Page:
COURSE SYLLABUS

Advanced Control Design 7.5 credits

Avancerade reglersystem
Second cycle, R7014E
Version
Course syllabus valid: Spring 2020 Sp 3 - Present
The version indicates the term and period for which this course syllabus is valid. The most recent version of the course syllabus is shown first.

Syllabus established
by Jonny Johansson, HUL SRT 15 Feb 2017

Last revised
by Jonny Johansson, HUL SRT 15 Feb 2019

Education level
Second cycle
Grade scale
G U 3 4 5
Subject
Control Engineering
Subject group (SCB)
Automation Technology

Entry requirements

Intermediate level knowledge in the subject of Automatic control, specifically regarding frequency response, state-space form, and state feedback. Experience with using Matlab/Simulink or similar for analysis of control systems is also presumed. These prerequisites correspond to the course R7003E Automatic control


More information about English language requirements


Selection

The selection is based on 20-285 credits



Course Aim

After completion of the course the student shall be able to

-       show a deep knowledge of control engineering methods and terminology for robust and optimal control

-       show deep understanding of mathematical methods to design advanced control schemes for dynamic system which can be non-linear, uncertain and multivariable;

-       demonstrate the ability to model non-linear and multivariable dynamic systems based on empirical data and formulate descriptions of uncertainties and disturbances in dynamical systems;

-       demonstrate an ability to formulate performance requirements for control systems and determine what performance is achievable;

-       use standard methods for designing and analyzing robust, optimal and predictive controllers, even in the multivariable case;

-       demonstrate an ability to, in a group, simulate, analyze, evaluate and implement robust, optimal and predictive controllers for a real process and to report on this work, both orally and in writing;

-       show the ability to identify constraints of simple controllers and the need for more advanced methods.


Contents

The course deals with design of advanced control systems for real-life engineering systems and the analysis of their performance characteristics. Emphasis is on techniques which render robust and optimal control systems.

When attempting to apply control to a complex real-world process, a number of problems appear that this course provides theoretical methods to handle. Many technical systems, such as industrial processes, robots, vehicles, motors etc. are best described in the form of nonlinear dynamical systems. Methods to analyze these system descriptions are important to be able to e.g. perform measurement and control in these systems.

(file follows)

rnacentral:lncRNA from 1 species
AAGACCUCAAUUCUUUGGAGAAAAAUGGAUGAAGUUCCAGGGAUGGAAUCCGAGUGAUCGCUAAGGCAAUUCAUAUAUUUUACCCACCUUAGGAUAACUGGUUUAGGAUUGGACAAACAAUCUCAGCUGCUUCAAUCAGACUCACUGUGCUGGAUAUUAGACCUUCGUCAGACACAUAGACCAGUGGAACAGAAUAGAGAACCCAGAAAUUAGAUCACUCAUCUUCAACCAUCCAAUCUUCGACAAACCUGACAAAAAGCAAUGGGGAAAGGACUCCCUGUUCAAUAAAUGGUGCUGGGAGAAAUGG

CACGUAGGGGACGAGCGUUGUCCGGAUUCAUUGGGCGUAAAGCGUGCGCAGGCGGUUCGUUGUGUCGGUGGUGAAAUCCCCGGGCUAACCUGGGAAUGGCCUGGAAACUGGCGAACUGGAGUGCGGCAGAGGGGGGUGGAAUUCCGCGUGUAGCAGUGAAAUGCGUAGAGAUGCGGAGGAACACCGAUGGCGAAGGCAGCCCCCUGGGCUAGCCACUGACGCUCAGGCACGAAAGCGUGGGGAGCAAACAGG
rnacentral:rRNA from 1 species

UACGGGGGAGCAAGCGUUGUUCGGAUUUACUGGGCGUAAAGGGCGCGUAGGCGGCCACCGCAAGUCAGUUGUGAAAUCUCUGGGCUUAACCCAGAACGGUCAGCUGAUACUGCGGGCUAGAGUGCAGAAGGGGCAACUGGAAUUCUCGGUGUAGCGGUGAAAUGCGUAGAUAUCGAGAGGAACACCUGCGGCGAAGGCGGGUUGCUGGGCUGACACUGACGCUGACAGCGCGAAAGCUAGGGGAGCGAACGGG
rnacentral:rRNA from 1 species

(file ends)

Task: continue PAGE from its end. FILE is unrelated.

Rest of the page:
The first problem treated in the course is the derivation of process models which are non-linear and are never an exact description of the process in question. How to analyze the non-linear system description and also describe model uncertainty is treated, as well as methods for designing robust and optimizing controllers that achieve various criteria, like e.g. stability or optimality, and performance despite variations in the process.

The second problem is that many processes that are interesting to be able to control are in practice multivariable, i.e. that several inputs affect several outputs. Basic notions, such as poles and zeros, controllability and observability are treated for multivariable systems, as well as methods to determine when single input and single output controllers can be used on a multivariable process with acceptable performance. Controllers, based on optimization of a cost function, are treated for the situation where multivariable control must be used.

The third problem is fundamental limitation regarding the performance that may exist in a control system. Such limitations appear in particular when the process is unstable, has non-minimum phase character or time delays. Tools to analyze this are also discussed in this course.

The theoretical parts of the course are supplemented with practical lab work in the form of project assignments on an experimental setup in the laboratory of the Department of Computer Science and Electrical Engineering.


Realization
The teaching consists of lectures and problem seminars. Lab work and a project assignment is performed in groups of no more than three students and accounted for with written reports and a demonstration

Examination

Passed project report with peer-review, and pass grade in an exam. The exam determines the grade for the course.


Transition terms
The course can be combined with no more than one of the two courses R7004E och R7005E

Examiner
Wolfgang Birk

Literature. Valid from Spring 2020 Sp 3 (May change until 10 weeks before course start)
Glad, T. and L. Ljung: Control Theory. Multivariable and Nonlinear Methods. Taylor & Francis.

Course offered by
Department of Computer Science, Electrical and Space Engineering

Modules
CodeDescriptionGrade scaleHPStatusFrom periodTitle
0001Written examG U 3 4 54.50MandatoryA17
0002Laboratory workU G#3.00MandatoryA17

Study guidance
Study guidance for the course is to be found in our learning platform Canvas before the course starts. Students applying for single subject courses get more information in the Welcome letter. You will find the learning platform via My LTU.